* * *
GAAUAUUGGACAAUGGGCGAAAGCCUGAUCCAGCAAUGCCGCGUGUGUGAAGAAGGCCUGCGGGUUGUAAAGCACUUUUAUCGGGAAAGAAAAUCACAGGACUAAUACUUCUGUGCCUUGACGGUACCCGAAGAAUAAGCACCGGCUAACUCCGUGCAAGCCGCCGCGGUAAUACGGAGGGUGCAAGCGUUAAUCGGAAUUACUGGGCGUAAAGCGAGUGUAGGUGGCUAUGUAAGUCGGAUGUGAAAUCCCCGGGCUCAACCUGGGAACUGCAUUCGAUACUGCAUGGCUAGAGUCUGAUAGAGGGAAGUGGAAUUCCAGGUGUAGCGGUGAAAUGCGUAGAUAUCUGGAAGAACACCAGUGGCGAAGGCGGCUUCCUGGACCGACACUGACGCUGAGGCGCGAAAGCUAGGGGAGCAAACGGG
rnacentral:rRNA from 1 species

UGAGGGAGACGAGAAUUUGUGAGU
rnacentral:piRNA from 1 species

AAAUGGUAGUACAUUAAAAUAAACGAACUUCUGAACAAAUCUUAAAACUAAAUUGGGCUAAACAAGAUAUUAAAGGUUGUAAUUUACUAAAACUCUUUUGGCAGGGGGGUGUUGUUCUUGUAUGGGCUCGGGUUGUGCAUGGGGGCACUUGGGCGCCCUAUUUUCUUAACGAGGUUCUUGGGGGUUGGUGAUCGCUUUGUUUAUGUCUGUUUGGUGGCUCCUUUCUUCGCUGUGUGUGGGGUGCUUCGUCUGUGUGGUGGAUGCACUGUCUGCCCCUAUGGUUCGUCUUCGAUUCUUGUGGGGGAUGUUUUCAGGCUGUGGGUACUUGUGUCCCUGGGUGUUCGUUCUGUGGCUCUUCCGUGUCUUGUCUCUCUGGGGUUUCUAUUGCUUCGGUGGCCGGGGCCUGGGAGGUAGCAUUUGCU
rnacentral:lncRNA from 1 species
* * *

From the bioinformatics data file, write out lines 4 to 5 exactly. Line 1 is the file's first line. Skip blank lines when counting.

rnacentral:piRNA from 1 species

AAAUGGUAGUACAUUAAAAUAAACGAACUUCUGAACAAAUCUUAAAACUAAAUUGGGCUAAACAAGAUAUUAAAGGUUGUAAUUUACUAAAACUCUUUUGGCAGGGGGGUGUUGUUCUUGUAUGGGCUCGGGUUGUGCAUGGGGGCACUUGGGCGCCCUAUUUUCUUAACGAGGUUCUUGGGGGUUGGUGAUCGCUUUGUUUAUGUCUGUUUGGUGGCUCCUUUCUUCGCUGUGUGUGGGGUGCUUCGUCUGUGUGGUGGAUGCACUGUCUGCCCCUAUGGUUCGUCUUCGAUUCUUGUGGGGGAUGUUUUCAGGCUGUGGGUACUUGUGUCCCUGGGUGUUCGUUCUGUGGCUCUUCCGUGUCUUGUCUCUCUGGGGUUUCUAUUGCUUCGGUGGCCGGGGCCUGGGAGGUAGCAUUUGCU